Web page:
President Obama is in Asia for a four-country tour to promote commerce and trade as part of his administration's so-called "Asia pivot." But with rising tensions in the region, what does his relationship with Japan, South Korea and China look like? (Julie Percha/The Washington Post)

President Obama started his week-long tour of Asia by conducting serious policy discussions with Japan’s prime minister as well as delivering ceremonial greetings to the Japanese royal family, emphasizing the significance of the ties between the two nations.

Speaking at a bilateral meeting in the Akasaka Palace, an elegant edifice built in a European style, the president described the U.S.-Japan alliance as “the foundation not only for our security in the Asia Pacific region but also for the region as a whole.”

“We are looking at a whole range of issues that are challenging at this time, including the threats posed by North Korea and the nuclearization that has been taking place in that country,” Obama said, adding that the two countries’ “shared democratic values” will help them as they “try to make sure we are creating a strong set of rules that govern the international order.”

Japanese Prime Minister Shinzo Abe, for his part, said the fact that Obama was making a state visit to Japan showed that the president was committed to making Asia a top priority in U.S. foreign policy.

“This greatly contributes to regional peace and prosperity, and Japan strongly supports and also certainly welcomes this,” Abe said. “My administration intends to continue to contribute to regional peace and prosperity more proactively than ever.”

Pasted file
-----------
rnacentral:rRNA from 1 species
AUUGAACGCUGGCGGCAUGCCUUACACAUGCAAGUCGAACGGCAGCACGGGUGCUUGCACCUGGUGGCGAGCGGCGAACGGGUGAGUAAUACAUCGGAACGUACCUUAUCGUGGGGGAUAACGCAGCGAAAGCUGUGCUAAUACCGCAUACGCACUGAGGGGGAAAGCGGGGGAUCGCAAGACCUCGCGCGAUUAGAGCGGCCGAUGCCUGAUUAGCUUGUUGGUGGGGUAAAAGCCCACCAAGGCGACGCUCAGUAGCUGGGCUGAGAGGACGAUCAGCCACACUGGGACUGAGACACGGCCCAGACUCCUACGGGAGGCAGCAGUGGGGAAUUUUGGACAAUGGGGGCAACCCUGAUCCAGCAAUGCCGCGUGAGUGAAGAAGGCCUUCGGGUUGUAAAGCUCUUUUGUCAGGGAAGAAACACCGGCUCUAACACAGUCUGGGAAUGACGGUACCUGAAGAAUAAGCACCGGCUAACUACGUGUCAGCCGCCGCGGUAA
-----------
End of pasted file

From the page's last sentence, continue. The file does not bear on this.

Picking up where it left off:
Before arriving in the country, Obama told the Yomiuri Shimbun newspaper that the defense treaty the United States has with Japan applies to a dispute between Japan and China in the East China Sea over a set of islands. In a written response to the newspaper, he said the United States opposes “unilateral attempts to undermine Japan’s administration of these islands.”

On Wednesday, right after Obama’s arrival in Tokyo, the president and Abe dined together at Sukiyabashi Jiro, one of the finest sushi restaurants in the world, along with the U.S. Ambassador to Japan Caroline Kennedy and National Security Adviser Susan Rice. The restaurant’s owner and sushi master, Jiro Ono, was featured in David Gelb’s 2011 documentary, “Jiro Dreams of Sushi.”

“That’s some good sushi right there,” Obama remarked as he emerged from the restaurant after the hour-and-a-half dinner with the prime minister.

The president met with Emperor Akihito and Empress Michiko at the Imperial Palace on Thursday before conducting private talks with Abe. During the meeting with Akihito, Obama noted the last time the two of them had been together he did not have any gray hair.

“You have a very hard job,” the emperor replied.